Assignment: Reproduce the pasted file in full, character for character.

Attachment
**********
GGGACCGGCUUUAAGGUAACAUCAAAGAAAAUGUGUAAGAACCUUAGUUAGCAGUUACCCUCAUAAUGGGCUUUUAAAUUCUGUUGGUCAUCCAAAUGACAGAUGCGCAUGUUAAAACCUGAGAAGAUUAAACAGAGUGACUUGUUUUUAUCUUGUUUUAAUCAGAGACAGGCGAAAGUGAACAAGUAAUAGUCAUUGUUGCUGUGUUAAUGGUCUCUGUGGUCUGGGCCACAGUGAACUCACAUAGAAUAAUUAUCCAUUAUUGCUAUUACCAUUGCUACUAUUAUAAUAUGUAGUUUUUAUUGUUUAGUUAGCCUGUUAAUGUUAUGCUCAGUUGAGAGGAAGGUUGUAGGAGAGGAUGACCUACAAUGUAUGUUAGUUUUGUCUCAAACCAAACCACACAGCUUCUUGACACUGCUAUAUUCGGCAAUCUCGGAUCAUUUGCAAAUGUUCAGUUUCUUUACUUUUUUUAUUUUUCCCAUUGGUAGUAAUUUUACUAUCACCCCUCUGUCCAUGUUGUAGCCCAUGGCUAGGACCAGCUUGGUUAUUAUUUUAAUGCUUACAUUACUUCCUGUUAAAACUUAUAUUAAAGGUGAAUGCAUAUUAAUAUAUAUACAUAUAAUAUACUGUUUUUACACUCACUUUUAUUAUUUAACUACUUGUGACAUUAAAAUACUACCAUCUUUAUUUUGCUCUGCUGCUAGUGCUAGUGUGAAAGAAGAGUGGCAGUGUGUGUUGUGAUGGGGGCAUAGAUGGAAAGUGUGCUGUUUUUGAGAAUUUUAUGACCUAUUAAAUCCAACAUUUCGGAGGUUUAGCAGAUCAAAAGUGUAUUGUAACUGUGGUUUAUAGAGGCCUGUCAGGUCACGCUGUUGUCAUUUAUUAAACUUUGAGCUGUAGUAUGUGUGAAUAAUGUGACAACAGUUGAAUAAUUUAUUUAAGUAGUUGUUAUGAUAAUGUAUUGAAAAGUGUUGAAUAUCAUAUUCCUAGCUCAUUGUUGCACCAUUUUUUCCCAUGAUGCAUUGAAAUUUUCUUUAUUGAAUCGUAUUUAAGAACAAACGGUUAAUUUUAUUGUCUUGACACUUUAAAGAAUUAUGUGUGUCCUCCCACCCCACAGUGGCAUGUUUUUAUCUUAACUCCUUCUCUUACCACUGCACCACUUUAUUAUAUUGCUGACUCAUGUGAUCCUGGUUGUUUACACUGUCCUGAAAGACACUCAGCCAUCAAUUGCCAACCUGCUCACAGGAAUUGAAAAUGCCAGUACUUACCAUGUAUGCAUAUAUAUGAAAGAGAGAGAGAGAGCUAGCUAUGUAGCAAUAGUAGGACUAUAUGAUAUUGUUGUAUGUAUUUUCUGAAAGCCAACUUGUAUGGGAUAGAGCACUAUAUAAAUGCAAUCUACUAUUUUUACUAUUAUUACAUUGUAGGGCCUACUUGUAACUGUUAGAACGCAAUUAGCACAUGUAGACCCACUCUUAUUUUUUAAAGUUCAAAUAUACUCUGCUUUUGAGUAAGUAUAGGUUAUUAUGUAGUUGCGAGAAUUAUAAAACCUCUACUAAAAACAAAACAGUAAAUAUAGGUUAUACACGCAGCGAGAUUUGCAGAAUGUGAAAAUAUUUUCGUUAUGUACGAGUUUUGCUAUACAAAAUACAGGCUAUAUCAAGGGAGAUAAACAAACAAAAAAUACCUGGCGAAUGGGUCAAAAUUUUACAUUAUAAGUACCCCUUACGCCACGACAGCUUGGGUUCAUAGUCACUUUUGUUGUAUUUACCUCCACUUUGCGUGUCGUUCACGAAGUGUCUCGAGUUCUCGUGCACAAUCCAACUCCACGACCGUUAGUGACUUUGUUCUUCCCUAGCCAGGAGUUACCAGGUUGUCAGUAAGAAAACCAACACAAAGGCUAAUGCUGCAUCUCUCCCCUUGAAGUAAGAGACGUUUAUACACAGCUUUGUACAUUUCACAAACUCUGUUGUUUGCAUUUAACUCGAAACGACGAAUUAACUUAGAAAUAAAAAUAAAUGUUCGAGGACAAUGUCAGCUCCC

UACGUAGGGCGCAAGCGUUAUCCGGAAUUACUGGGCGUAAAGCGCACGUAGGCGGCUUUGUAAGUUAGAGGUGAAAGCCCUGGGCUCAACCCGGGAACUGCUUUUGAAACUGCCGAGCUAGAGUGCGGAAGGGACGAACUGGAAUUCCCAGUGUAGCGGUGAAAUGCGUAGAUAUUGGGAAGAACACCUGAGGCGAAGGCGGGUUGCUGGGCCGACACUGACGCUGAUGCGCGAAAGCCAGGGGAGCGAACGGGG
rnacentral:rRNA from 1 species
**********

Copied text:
GGGACCGGCUUUAAGGUAACAUCAAAGAAAAUGUGUAAGAACCUUAGUUAGCAGUUACCCUCAUAAUGGGCUUUUAAAUUCUGUUGGUCAUCCAAAUGACAGAUGCGCAUGUUAAAACCUGAGAAGAUUAAACAGAGUGACUUGUUUUUAUCUUGUUUUAAUCAGAGACAGGCGAAAGUGAACAAGUAAUAGUCAUUGUUGCUGUGUUAAUGGUCUCUGUGGUCUGGGCCACAGUGAACUCACAUAGAAUAAUUAUCCAUUAUUGCUAUUACCAUUGCUACUAUUAUAAUAUGUAGUUUUUAUUGUUUAGUUAGCCUGUUAAUGUUAUGCUCAGUUGAGAGGAAGGUUGUAGGAGAGGAUGACCUACAAUGUAUGUUAGUUUUGUCUCAAACCAAACCACACAGCUUCUUGACACUGCUAUAUUCGGCAAUCUCGGAUCAUUUGCAAAUGUUCAGUUUCUUUACUUUUUUUAUUUUUCCCAUUGGUAGUAAUUUUACUAUCACCCCUCUGUCCAUGUUGUAGCCCAUGGCUAGGACCAGCUUGGUUAUUAUUUUAAUGCUUACAUUACUUCCUGUUAAAACUUAUAUUAAAGGUGAAUGCAUAUUAAUAUAUAUACAUAUAAUAUACUGUUUUUACACUCACUUUUAUUAUUUAACUACUUGUGACAUUAAAAUACUACCAUCUUUAUUUUGCUCUGCUGCUAGUGCUAGUGUGAAAGAAGAGUGGCAGUGUGUGUUGUGAUGGGGGCAUAGAUGGAAAGUGUGCUGUUUUUGAGAAUUUUAUGACCUAUUAAAUCCAACAUUUCGGAGGUUUAGCAGAUCAAAAGUGUAUUGUAACUGUGGUUUAUAGAGGCCUGUCAGGUCACGCUGUUGUCAUUUAUUAAACUUUGAGCUGUAGUAUGUGUGAAUAAUGUGACAACAGUUGAAUAAUUUAUUUAAGUAGUUGUUAUGAUAAUGUAUUGAAAAGUGUUGAAUAUCAUAUUCCUAGCUCAUUGUUGCACCAUUUUUUCCCAUGAUGCAUUGAAAUUUUCUUUAUUGAAUCGUAUUUAAGAACAAACGGUUAAUUUUAUUGUCUUGACACUUUAAAGAAUUAUGUGUGUCCUCCCACCCCACAGUGGCAUGUUUUUAUCUUAACUCCUUCUCUUACCACUGCACCACUUUAUUAUAUUGCUGACUCAUGUGAUCCUGGUUGUUUACACUGUCCUGAAAGACACUCAGCCAUCAAUUGCCAACCUGCUCACAGGAAUUGAAAAUGCCAGUACUUACCAUGUAUGCAUAUAUAUGAAAGAGAGAGAGAGAGCUAGCUAUGUAGCAAUAGUAGGACUAUAUGAUAUUGUUGUAUGUAUUUUCUGAAAGCCAACUUGUAUGGGAUAGAGCACUAUAUAAAUGCAAUCUACUAUUUUUACUAUUAUUACAUUGUAGGGCCUACUUGUAACUGUUAGAACGCAAUUAGCACAUGUAGACCCACUCUUAUUUUUUAAAGUUCAAAUAUACUCUGCUUUUGAGUAAGUAUAGGUUAUUAUGUAGUUGCGAGAAUUAUAAAACCUCUACUAAAAACAAAACAGUAAAUAUAGGUUAUACACGCAGCGAGAUUUGCAGAAUGUGAAAAUAUUUUCGUUAUGUACGAGUUUUGCUAUACAAAAUACAGGCUAUAUCAAGGGAGAUAAACAAACAAAAAAUACCUGGCGAAUGGGUCAAAAUUUUACAUUAUAAGUACCCCUUACGCCACGACAGCUUGGGUUCAUAGUCACUUUUGUUGUAUUUACCUCCACUUUGCGUGUCGUUCACGAAGUGUCUCGAGUUCUCGUGCACAAUCCAACUCCACGACCGUUAGUGACUUUGUUCUUCCCUAGCCAGGAGUUACCAGGUUGUCAGUAAGAAAACCAACACAAAGGCUAAUGCUGCAUCUCUCCCCUUGAAGUAAGAGACGUUUAUACACAGCUUUGUACAUUUCACAAACUCUGUUGUUUGCAUUUAACUCGAAACGACGAAUUAACUUAGAAAUAAAAAUAAAUGUUCGAGGACAAUGUCAGCUCCC

UACGUAGGGCGCAAGCGUUAUCCGGAAUUACUGGGCGUAAAGCGCACGUAGGCGGCUUUGUAAGUUAGAGGUGAAAGCCCUGGGCUCAACCCGGGAACUGCUUUUGAAACUGCCGAGCUAGAGUGCGGAAGGGACGAACUGGAAUUCCCAGUGUAGCGGUGAAAUGCGUAGAUAUUGGGAAGAACACCUGAGGCGAAGGCGGGUUGCUGGGCCGACACUGACGCUGAUGCGCGAAAGCCAGGGGAGCGAACGGGG
rnacentral:rRNA from 1 species